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Robert Jernigan, Laurence H. Baker Center for Bioinformatics and Biological Statistics, (515) 294-3833
Teddi Barron, News Service, (515) 294-4778


AMES, Iowa -- This summer, 10 students from universities throughout the United States are at Iowa State University, learning the skills they need to tackle the burgeoning field of bioinformatics.

The students are attending the 10-week National Science Foundation-National Institutes of Health Summer Institute in Bioinformatics and Computational Biology, held through Aug. 8.

"Bioinformatics and biological statistics give scientists the tools to sift and mine massive amounts of information from plant and animal genomics," said Robert Jernigan, director of the Laurence H. Baker Center of Bioinformatics and Biological Statistics at Iowa State.

"However, biological data is accumulating faster than it can be processed and comprehended," he said.

"There's a real need for more trained scientists who can shorten the time between biological data acquisition and practical application," Jernigan said. "The summer institute will encourage more students to develop research careers in bioinformatics."

The institute provides students majoring in the biological sciences, computer sciences, engineering, mathematics and physical sciences with interdisciplinary bioinformatics research and education experiences.

Iowa State was one of nine schools selected by NSF and NIH's National Institute of Biomedical Imaging and Bioengineering to conduct summer institutes in bioengineering and bioinformatics.

The Laurence H. Baker Center of Bioinformatics and Biological Statistics, a center of ISU's Plant Sciences Institute, received the $645,000 grant to conduct the summer institute for four years. Ten ISU faculty, led by Volker Brendel, professor of zoology and genetics, organized the institute.

Lori Kroiss is a first-year doctoral student in plant pathology at Pennsylvania State University, State College. She is working with Brendel.

"I needed to do a research project that's outside of my lab experience in functional genetics. I've had the opportunity here to work in comparative genomics," she said. "I like the low pressure environment and being able to apply something we learn right away in the lab.

"Just being around computer people all the time, instead of molecular biologists, has been very helpful for me. Now I have the vocabulary to find the people who can help me do my Ph.D. project at Penn State," she said.

Institute students are working with 10 Iowa State faculty and their groups on specialized research projects to learn in depth a specific area of integrated bioinformatics and computational biology.

Charles Wang, a junior in electrical and computer engineering at Duke University, Durham, N.C., said he came to the institute to have a research experience prior to graduate school.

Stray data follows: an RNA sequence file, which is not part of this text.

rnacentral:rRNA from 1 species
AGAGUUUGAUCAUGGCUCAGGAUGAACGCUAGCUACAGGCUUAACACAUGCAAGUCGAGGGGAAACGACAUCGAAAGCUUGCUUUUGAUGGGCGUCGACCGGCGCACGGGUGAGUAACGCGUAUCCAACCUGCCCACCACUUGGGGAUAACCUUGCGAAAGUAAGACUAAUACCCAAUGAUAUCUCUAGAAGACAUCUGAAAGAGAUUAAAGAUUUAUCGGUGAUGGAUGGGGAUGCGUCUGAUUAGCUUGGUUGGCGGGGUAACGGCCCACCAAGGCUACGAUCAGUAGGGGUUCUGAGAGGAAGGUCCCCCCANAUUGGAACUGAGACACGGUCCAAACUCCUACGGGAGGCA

He is working with Srinivas Aluru, Iowa State professor of computer engineering, on clustering gene expression data from microarray experiments. Microarrays are used to measure the level of expression of tens of thousands of genes simultaneously in a single experiment. Clustering methods are used to find genes that potentially have related functions.

Aluru and Wang are applying a technique developed in computer science more than 20 years ago to a widely used clustering algorithm to process data faster.

The students will present their research in a poster session on Aug. 7.

An intensive, two-week instructional program initiated the institute. The short course introduced fundamental methods in bioinformatics and computational biology, described applications to prominent research problems and discussed recent accomplishments in genomics and bioinformatics.

Industry researchers and faculty from other universities and colleges attended the short course, along with the summer institute students.

"We hadn't anticipated so many faculty from other schools would be interested in the short course. But they're doing research and setting up programs outside of their own fields of study," Jernigan said. "These computational approaches are invading all parts of biology."

The Plant Sciences Institute at Iowa State University is dedicated to becoming one of the world's leading plant science research institutes. More than 200 faculty from the College of Agriculture, the College of Liberal Arts and Sciences, the College of Family and Consumer Sciences and the College of Engineering conduct research in nine centers of the institute. They seek fundamental knowledge about plant systems to help feed the growing world population, strengthen human health and nutrition, improve crop quality and yield, foster environmental sustainability and expand the uses of plants for biobased products and bioenergy. The Plant Sciences Institute supports the training of students for exciting career opportunities and promotes new technologies to aid in the economic development of agriculture and industry throughout the state. The institute is supported through public and private funding.


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